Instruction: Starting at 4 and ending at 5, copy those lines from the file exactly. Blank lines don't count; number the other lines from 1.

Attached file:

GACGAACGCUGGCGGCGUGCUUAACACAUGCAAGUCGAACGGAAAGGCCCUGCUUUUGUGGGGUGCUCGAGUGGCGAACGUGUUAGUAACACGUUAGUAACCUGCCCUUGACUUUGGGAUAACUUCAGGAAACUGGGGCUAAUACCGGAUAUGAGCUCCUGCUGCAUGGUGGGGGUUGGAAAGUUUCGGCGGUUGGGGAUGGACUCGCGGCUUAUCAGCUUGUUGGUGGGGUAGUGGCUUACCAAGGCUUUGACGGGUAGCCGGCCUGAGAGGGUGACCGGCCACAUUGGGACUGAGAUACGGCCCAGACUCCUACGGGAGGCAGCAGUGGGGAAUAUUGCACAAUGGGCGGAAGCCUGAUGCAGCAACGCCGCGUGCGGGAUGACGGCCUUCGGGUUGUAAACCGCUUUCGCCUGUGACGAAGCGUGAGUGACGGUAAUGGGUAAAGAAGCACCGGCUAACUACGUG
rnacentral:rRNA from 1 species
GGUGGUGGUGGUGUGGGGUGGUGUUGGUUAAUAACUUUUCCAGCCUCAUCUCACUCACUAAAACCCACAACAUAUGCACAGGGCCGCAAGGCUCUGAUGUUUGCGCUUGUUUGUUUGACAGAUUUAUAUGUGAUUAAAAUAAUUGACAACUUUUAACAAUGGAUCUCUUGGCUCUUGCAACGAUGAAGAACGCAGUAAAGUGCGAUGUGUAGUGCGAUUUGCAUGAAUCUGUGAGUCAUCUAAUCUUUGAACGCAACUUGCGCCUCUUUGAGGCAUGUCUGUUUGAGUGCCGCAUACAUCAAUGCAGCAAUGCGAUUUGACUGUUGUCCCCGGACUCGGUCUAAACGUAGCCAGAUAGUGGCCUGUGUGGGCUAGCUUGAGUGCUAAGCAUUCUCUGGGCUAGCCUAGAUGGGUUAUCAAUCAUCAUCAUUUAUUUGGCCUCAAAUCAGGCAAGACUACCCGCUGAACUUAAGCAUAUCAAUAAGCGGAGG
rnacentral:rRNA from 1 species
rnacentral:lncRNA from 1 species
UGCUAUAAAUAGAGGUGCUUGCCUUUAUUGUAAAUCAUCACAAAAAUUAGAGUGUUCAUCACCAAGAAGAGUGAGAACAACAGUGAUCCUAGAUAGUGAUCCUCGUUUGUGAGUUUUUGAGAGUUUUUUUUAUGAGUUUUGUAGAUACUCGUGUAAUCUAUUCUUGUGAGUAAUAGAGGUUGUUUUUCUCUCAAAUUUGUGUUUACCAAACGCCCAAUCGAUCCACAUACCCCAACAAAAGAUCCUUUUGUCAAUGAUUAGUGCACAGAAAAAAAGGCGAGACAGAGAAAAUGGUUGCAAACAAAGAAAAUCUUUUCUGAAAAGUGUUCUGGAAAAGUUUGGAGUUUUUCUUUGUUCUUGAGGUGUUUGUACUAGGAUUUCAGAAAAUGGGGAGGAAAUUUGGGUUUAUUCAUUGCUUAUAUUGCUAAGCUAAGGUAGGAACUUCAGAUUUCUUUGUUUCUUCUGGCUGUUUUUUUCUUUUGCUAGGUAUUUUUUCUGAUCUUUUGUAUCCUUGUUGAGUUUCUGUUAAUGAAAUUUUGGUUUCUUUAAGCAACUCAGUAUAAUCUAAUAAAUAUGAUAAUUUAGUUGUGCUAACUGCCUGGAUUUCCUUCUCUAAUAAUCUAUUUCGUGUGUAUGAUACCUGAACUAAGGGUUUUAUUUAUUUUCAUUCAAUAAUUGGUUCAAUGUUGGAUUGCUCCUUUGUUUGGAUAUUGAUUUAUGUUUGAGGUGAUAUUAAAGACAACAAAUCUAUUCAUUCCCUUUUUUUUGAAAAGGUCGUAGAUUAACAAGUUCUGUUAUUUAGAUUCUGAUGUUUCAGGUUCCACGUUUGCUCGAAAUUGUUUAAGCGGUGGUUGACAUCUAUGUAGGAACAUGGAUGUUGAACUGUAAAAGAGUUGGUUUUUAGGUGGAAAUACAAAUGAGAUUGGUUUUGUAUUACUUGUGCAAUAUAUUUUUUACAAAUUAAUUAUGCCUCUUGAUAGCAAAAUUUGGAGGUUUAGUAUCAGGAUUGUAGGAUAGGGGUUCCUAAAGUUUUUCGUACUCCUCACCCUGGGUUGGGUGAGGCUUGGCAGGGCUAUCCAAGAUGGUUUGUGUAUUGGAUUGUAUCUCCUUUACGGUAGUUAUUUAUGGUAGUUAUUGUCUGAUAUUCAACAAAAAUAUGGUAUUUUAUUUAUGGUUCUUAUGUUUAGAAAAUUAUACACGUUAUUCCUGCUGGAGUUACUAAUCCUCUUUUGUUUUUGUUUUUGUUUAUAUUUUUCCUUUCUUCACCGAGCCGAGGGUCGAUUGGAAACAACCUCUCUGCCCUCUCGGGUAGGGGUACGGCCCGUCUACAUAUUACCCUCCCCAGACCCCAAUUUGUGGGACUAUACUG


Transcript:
rnacentral:rRNA from 1 species
rnacentral:lncRNA from 1 species